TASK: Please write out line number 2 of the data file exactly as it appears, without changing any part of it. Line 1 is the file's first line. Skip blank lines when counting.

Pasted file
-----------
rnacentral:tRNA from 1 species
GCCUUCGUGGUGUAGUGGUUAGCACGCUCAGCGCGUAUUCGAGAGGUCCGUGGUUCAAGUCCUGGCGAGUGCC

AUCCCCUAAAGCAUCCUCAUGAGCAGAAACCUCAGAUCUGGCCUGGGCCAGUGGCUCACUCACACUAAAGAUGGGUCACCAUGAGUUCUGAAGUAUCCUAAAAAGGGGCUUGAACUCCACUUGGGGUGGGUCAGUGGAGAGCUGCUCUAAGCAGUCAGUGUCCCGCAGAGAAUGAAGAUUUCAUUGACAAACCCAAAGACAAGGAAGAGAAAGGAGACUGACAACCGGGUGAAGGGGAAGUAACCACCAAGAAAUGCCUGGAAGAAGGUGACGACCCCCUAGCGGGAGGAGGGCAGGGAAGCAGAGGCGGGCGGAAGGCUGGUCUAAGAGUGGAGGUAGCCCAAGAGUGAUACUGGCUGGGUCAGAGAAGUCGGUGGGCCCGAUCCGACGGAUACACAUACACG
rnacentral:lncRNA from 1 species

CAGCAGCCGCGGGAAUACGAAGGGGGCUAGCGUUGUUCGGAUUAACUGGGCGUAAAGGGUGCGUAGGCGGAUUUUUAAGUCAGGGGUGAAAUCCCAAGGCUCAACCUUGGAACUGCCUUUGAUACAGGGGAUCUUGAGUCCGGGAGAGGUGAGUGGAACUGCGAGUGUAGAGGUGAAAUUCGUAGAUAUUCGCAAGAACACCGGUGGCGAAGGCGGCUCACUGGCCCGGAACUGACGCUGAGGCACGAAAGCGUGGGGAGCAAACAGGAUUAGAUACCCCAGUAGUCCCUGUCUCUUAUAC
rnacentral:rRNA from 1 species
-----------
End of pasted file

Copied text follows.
GCCUUCGUGGUGUAGUGGUUAGCACGCUCAGCGCGUAUUCGAGAGGUCCGUGGUUCAAGUCCUGGCGAGUGCC